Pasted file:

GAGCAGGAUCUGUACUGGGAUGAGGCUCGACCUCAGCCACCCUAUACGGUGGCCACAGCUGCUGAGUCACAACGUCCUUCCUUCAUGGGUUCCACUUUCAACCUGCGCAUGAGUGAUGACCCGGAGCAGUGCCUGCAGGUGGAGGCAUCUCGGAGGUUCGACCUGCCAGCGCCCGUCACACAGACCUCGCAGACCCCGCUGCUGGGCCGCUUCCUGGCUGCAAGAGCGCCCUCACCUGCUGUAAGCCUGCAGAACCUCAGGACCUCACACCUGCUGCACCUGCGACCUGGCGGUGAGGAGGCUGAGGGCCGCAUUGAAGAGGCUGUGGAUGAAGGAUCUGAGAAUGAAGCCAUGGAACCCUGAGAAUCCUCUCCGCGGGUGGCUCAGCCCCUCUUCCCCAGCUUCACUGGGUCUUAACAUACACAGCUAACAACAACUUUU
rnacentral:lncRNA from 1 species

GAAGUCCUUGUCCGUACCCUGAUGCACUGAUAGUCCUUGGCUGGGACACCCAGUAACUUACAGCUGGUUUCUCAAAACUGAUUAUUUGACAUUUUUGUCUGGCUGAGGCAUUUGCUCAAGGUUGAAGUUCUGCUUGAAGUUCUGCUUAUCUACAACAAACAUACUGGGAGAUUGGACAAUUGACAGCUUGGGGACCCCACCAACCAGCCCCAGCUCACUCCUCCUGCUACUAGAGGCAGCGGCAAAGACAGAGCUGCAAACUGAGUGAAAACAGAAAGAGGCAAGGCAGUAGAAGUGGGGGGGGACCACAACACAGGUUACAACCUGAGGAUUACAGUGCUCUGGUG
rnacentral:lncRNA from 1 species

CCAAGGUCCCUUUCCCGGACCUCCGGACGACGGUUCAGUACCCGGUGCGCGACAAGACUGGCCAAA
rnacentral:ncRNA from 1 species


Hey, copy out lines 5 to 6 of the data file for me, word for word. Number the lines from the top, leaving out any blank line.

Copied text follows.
CCAAGGUCCCUUUCCCGGACCUCCGGACGACGGUUCAGUACCCGGUGCGCGACAAGACUGGCCAAA
rnacentral:ncRNA from 1 species